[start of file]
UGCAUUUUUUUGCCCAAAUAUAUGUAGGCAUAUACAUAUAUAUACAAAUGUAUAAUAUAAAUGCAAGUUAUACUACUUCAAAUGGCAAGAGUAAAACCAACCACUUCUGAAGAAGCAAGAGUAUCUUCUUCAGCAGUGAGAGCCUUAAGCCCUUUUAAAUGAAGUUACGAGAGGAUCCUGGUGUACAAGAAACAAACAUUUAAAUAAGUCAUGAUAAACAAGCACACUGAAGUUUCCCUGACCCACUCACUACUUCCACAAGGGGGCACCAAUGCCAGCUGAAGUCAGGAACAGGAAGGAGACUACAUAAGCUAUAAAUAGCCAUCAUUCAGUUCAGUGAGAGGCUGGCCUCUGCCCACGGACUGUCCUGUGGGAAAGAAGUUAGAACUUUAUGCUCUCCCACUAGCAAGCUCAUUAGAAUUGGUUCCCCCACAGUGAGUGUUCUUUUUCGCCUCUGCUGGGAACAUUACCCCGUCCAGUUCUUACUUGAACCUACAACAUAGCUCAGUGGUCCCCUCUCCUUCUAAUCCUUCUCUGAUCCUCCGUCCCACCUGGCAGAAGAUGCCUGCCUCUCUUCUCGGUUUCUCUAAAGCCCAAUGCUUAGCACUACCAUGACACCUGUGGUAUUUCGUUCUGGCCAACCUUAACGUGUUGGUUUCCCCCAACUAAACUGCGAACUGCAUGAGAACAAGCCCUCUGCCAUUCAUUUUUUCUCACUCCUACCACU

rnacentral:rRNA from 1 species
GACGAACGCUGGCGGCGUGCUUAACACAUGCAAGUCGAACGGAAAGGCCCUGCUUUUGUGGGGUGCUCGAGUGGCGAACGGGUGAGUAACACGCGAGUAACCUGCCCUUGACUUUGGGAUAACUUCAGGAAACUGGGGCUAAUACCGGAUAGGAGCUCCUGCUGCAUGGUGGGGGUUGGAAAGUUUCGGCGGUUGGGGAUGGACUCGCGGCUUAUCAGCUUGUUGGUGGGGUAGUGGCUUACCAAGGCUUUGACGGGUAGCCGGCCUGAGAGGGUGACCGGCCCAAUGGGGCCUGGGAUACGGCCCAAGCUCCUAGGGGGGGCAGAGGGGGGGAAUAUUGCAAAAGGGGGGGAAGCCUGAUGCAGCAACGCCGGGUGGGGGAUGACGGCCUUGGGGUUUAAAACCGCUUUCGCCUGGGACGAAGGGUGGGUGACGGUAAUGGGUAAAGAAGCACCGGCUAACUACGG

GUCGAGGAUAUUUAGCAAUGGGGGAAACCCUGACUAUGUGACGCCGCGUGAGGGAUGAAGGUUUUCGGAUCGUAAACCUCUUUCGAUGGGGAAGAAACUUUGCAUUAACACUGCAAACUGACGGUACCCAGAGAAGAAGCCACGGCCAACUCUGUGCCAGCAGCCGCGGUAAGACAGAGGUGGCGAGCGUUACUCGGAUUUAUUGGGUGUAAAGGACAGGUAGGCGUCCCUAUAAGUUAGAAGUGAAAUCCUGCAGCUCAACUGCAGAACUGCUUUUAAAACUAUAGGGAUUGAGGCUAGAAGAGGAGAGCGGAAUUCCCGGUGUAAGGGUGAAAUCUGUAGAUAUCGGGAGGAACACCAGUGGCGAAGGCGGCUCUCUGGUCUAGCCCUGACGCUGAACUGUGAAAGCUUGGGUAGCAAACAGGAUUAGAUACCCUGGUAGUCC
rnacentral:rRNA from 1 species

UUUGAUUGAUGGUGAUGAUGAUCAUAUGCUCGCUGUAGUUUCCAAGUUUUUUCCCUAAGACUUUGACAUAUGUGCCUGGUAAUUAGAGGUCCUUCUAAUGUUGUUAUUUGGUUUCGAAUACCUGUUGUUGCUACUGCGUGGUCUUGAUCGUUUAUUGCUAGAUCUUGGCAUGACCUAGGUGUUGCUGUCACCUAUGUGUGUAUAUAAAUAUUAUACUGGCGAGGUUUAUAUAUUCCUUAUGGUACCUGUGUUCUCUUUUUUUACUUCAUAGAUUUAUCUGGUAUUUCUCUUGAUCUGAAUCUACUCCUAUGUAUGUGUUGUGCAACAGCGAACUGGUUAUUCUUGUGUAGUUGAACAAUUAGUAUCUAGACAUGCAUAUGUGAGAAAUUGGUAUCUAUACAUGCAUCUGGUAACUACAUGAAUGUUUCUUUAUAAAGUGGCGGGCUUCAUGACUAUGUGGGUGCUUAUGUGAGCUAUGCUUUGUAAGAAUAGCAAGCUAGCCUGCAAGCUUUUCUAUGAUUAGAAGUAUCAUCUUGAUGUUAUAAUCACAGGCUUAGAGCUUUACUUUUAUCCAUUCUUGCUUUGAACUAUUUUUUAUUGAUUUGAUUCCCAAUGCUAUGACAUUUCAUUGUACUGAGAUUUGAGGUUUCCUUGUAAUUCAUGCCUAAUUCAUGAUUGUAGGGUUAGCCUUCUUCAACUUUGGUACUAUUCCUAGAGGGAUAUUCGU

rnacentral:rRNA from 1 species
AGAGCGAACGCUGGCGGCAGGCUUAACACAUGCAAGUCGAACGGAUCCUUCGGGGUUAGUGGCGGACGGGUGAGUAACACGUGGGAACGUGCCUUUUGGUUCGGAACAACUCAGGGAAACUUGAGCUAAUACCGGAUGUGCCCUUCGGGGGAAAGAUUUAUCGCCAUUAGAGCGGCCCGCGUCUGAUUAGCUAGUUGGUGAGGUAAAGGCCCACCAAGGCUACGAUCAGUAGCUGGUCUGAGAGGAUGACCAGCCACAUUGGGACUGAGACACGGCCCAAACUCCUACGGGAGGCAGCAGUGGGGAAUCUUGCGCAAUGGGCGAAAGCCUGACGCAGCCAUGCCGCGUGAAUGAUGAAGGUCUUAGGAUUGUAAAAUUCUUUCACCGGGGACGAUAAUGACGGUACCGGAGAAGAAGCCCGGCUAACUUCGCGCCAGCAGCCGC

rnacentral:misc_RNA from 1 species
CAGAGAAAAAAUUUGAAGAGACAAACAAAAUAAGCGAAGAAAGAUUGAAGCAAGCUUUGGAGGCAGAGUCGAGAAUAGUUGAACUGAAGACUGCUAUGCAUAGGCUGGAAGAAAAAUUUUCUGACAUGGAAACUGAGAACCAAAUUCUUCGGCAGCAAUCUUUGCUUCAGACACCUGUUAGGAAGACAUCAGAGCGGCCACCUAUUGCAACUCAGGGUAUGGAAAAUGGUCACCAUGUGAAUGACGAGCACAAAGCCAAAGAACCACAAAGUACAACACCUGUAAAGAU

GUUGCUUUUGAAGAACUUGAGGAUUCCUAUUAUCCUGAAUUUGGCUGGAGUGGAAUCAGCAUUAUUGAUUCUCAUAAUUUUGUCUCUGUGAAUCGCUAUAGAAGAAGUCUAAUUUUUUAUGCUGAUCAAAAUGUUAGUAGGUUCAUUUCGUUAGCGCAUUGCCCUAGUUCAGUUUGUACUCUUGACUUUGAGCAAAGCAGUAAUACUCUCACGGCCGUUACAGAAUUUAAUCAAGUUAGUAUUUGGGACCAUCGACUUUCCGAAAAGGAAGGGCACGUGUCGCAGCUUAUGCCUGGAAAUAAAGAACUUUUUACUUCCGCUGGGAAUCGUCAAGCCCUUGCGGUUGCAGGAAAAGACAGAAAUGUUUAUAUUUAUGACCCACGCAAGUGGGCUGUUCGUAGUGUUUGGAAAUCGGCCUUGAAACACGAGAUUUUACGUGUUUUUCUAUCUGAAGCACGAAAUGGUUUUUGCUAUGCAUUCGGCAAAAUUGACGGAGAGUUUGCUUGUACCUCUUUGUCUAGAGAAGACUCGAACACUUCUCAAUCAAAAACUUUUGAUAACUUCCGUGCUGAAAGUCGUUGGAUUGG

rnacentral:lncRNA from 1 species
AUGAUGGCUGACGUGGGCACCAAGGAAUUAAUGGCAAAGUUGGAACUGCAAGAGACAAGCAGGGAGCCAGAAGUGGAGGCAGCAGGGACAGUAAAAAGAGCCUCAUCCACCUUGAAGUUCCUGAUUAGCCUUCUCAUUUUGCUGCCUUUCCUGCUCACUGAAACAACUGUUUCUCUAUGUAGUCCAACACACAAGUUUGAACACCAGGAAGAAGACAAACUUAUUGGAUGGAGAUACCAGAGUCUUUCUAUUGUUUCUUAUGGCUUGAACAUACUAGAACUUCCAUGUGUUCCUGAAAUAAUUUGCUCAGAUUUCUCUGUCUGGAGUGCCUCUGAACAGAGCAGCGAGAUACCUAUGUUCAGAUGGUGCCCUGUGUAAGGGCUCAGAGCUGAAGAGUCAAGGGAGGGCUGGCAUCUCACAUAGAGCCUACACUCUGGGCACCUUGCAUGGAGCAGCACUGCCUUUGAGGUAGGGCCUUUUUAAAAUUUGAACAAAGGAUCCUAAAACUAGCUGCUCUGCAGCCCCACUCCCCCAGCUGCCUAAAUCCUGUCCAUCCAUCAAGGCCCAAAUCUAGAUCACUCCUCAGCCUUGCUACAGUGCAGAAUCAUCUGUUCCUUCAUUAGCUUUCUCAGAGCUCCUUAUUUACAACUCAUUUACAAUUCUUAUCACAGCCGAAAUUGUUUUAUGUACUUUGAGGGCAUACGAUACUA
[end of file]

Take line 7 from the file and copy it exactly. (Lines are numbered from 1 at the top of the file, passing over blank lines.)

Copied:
rnacentral:rRNA from 1 species